Griefer Nation

Griefer Nation
You Don't Know Jack

Dave Thomas | 15 Nov 2005 07:00
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This is a tactic that Jack seems to understand well. He once called Janet Reno a closeted lesbian and that hurt because, well, honestly, would a straight woman wear her hair like that? When Jack calls Doug Lowenstein, the head of the videogame industry's primary trade group the Electronic Software Association, the Goebbels of the game industry, it stings.

Because, if nothing else, Jack knows how to hurt. And he seems to like it. Which makes him appear a lot like the frustrated 13-year-old boys in Everquest who have nothing better to do than build up characters to level 8,000, and then spend day after day annoying people in such a monumental manner that we had to give the behavior its own name: Griefing.

The psychology of the griefer is pretty simple. When nothing else in the world is under your control, why not spend your remaining vital energy pissing people off? If you can't build something up, tear it down. A smoking crater is at least as noticeable as the nice building that once stood in its place. If nothing else, people will know you are there. At least they will care about you, even if it is just to take the time to hate you.

And griefing doesn't just happen in the game world. I've heard these people aptly described as "sh** disturbers" for the simple reason that some people - a fortunately small fraction of a fraction of the population - can't leave well enough alone. If there is a neat pile of anything - books, papers, people in a nice conversation at a party - the Disturber will come around and make a mess out of it.

Some people even turn this into an art.

I know a guy who corresponded with Charles Manson, was friends with Church of Satan founder Anton LeVey and has a fencing set said to be owned by former American Nazi party founder George Lincoln Rockwell.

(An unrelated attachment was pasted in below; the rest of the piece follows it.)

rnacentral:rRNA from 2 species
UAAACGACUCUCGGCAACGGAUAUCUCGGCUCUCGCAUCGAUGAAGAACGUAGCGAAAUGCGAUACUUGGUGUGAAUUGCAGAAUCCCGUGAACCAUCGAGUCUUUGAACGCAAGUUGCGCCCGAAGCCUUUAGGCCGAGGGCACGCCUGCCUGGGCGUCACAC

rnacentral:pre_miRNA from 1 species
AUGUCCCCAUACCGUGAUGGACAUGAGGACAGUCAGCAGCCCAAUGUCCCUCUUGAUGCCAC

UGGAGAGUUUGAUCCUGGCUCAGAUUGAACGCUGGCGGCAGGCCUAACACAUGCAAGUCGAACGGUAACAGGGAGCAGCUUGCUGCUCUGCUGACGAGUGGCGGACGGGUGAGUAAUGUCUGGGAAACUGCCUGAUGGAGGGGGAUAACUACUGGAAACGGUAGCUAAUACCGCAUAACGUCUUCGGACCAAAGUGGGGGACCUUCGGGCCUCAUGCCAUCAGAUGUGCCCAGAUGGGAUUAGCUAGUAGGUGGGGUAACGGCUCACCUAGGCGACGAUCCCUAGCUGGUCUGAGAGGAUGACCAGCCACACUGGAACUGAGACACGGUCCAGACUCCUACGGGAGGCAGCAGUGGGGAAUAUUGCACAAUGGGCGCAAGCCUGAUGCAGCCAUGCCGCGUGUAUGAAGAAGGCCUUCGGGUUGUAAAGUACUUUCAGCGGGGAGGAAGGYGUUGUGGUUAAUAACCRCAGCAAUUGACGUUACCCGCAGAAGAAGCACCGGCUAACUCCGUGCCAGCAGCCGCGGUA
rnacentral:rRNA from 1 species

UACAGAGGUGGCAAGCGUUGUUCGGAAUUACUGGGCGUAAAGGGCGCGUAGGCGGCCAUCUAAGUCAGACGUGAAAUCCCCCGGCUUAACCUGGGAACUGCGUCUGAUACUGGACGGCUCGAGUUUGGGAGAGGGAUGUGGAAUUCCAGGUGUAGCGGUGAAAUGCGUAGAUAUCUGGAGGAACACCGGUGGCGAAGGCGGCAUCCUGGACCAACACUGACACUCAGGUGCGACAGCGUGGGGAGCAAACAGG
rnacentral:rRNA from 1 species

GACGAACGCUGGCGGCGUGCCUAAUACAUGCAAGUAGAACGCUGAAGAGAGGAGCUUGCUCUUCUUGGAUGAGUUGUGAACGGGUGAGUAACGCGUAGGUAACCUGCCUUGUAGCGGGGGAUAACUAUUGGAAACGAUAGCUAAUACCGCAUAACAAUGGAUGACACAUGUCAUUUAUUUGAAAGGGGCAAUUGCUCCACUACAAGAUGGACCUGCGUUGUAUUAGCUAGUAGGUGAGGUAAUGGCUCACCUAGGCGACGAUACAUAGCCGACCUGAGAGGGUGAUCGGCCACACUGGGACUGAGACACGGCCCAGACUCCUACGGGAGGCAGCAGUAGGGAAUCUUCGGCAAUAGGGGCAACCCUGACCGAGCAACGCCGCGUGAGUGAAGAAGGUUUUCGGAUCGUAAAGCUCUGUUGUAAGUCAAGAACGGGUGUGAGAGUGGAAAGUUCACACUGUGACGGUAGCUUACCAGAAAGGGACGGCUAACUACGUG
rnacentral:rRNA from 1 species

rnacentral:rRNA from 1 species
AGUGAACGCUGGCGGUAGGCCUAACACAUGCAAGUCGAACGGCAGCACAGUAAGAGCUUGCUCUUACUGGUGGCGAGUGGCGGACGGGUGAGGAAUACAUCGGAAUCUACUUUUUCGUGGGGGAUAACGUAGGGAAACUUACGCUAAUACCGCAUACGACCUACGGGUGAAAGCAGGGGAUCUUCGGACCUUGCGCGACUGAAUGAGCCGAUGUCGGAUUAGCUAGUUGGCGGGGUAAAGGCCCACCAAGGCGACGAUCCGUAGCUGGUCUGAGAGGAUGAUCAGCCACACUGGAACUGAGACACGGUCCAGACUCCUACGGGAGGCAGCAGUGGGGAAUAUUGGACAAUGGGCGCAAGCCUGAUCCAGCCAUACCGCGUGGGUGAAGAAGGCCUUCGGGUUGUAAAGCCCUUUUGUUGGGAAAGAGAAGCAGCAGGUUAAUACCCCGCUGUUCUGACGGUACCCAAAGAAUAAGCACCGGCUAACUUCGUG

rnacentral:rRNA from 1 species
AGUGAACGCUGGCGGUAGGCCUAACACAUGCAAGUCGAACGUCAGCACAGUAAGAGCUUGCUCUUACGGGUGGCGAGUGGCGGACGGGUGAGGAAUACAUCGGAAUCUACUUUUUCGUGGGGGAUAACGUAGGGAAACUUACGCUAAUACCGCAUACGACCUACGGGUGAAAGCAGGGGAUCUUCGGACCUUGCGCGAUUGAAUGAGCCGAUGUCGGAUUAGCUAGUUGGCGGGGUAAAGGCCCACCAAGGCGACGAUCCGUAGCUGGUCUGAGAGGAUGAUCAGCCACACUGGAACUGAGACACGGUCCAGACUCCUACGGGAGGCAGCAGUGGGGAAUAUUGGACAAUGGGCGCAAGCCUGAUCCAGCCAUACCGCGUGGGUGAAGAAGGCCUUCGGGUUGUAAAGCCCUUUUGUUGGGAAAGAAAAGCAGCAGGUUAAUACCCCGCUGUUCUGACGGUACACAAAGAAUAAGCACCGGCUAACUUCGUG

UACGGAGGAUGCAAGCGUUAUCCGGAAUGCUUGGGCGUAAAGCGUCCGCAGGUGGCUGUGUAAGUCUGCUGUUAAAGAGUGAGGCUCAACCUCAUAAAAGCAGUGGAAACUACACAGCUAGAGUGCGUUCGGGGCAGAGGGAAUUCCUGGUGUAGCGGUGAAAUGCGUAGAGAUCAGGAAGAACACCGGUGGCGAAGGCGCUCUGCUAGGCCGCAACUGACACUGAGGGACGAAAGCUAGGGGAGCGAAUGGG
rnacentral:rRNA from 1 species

A fellow writer, a rotund and omnivorous thinker who was liberal to the bone and as perceptive as a Geiger Counter once said of my pal, "He's an intellectual anarchist; he's not happy unless other people are unhappy." What's funny is that this guy, my friend with the interesting taste in pen pals, associates and memorabilia, was still connected to a basic form of order. He was not a Disturber. The people he found amazingly on the edge, further out than his frontier of weirdness, were not just intellectual anarchists; they were, well, Disturbers of the first order.

And I'm starting to think that maybe, this is really the center of Jack Thompson. I think, deep in his bones, Jack likes flipping the Monopoly board over just to see the colorful confetti of play money flying through the air. Because it sure seems like Jack just doesn't want anyone to have any fun.

I wanted to talk to Thompson for the simple reason that as a gamer and free speech advocate, I'm supposed to hate Jack Thompson. And that sounds like the sort of challenge any free-thinking intellectual would jump at. Besides, for all I know, he may be on to something.

What we know for sure, when it comes to videogames and violence, is that we don't know enough. Games certainly have not spawned any apocalypse of violence. Then again, I'm not sure we should run around saying games have no effect at all. Of course they do. I don't play Halo 2 for the pleasure of being bored. I like it because it is fun to blow someone away with a sniper rifle. It's even better when you can tag some chump up close with a sticky grenade. If you can pistol whip another guy to death, that's just artistry.

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